Thanksgiving season. Turkey, cranberry sauce, pumpkin pies, and football. It’s a time to reflect on what we have, cherish time with the ones we love, and connect with those around us.
At Social Pinpoint, we champion digital engagement with our community, after all, it’s our bread and butter (or our pumpkin and pie?). But, when it comes to Thanksgiving time, we know there are so many more opportunities to establish a real, human connection outside the digital world. Whether it be sponsoring community events, donating your time, or simply showing up, Thanksgiving is the prime time to step outside the norm and connect with stakeholders of all demographics – no matter how big, or small.
Turkey, Pie, and Trotting
The YMCA of USA is known for providing fun, healthy, and enriching services to each community they serve through outreach, fundraising, and youth programming. Each year, many branches of the YMCA host their annual Turkey Trot, a charitable event featuring a 5K race and fun run. Branches from California to New York and everywhere in-between kick off their fundraising efforts with one common goal: raise money for the Y Open Door Funds, a charitable program committed to providing inclusion for members of their community.
The culmination of this event comes on Thanksgiving morning, where all participants gather for some friendly competition and healthy fun before heading to indulge in turkey and pie. Whether you choose to participate in the race, or would rather support it with a sponsorship, stakeholders will surely remember your presence and commitment to this worthy cause.
Football at the Forefront
Another event that always comes to mind when discussing Thanksgiving is football. While some choose to gather around to watch on TV and others enjoy participating in a neighborhood flag football game, many Thanksgiving traditions are guaranteed to include football in one way or another. This could be a simple and non-intimidating opportunity to open lines of communication with stakeholders by inviting all to a local park for a game of flag football. Not only is this a fun way to gather, but it is a chance to circulate resources, listen to feedback, and build trust with community members of all ages.
Giving Back to Stakeholders in Need
It’s hard to imagine that not all who reside in your community are fortunate enough to have a full Thanksgiving spread on their table. In 2020, the United States had an official poverty rate of 11.4%, which is an increase of 1% from 2019 [Source]. This shows that now, more than ever, giving back to your community is an imperative step to building trust and engagement.
Food drives are a wonderful way of supporting underprivileged children and adults alike. Set up a donation area, circulate the word, and give back to the local Food Pantry or another charitable organization. Beyond the Thanksgiving staples, those donating could also include other non-perishables like peanut butter. Many companies around the country even entice people to donate by committing to match donations raised from company funds.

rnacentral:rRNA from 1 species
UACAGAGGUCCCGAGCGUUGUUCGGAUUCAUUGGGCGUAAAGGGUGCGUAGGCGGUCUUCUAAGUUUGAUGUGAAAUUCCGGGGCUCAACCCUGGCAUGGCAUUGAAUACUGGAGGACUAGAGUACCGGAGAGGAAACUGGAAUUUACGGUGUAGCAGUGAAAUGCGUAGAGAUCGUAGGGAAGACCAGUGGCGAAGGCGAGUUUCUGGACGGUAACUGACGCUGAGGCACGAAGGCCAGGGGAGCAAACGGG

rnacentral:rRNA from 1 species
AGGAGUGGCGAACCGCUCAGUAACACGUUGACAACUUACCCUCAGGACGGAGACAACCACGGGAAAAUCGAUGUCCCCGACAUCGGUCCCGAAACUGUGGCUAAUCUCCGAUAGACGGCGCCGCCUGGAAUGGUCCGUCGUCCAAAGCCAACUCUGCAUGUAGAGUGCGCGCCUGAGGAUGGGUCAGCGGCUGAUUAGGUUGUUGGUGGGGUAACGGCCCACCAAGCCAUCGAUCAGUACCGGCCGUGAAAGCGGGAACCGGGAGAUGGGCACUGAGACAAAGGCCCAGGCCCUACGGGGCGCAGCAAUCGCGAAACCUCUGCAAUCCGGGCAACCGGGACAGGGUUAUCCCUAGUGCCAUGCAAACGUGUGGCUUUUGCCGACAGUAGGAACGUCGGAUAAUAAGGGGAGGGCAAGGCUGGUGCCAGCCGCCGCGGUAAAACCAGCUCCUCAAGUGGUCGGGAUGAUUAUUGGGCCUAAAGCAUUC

While donations are a wonderful way to help, perhaps a more memorable way to step in would be donating time. Can you help bag lunches to distribute? Or perhaps serve food at the local shelter or church? Taking time out of your day-to-day to support your community could leave a lasting impact and may even help you better understand the unique needs of your area.
Thanksgiving is the time of year where there is an influx of those looking to volunteer, but it can certainly be intimidating if it’s a new experience. If you aren’t sure where to start, Feeding America is a nationwide resource that can help guide you on where to go to take action!
A Reflection on Connection
Thanksgiving tends to kick off for the very busy holiday season, and it’s OK if you cannot commit to a face-to-face engagement activity this year. What is important, though, is taking the time to reflect on your efforts. Ask yourself a few questions:
What does community engagement look like for you?
Is your team simply checking a box, or do you have strong programs in place to gather feedback and engage?
Have you done enough to listen and hear all voices?
Community engagement doesn’t stop at those same few people who show up to meetings. Is there enough being done to reach all members of the community? Whether it be including those experiencing homelessness, those who have limited access to transport or younger demographics such as students –it’s essential all voices are heard.
Do you feel that you have a trusting relationship with your stakeholders?
Unfortunately, there is a natural distrust between governments and stakeholders. But, taking the steps to build a trusting relationship, like a well-thought-out engagement program, can make formal government decisions feel more like a partnership with community members. This is incredibly important for pioneering digital engagement, as your natural authenticity and transparency with your community will create an engaging, open space for all.
What can be done differently?
By taking an honest look at your efforts and considering how to improve your community engagement will surely be a step towards productive change in your community.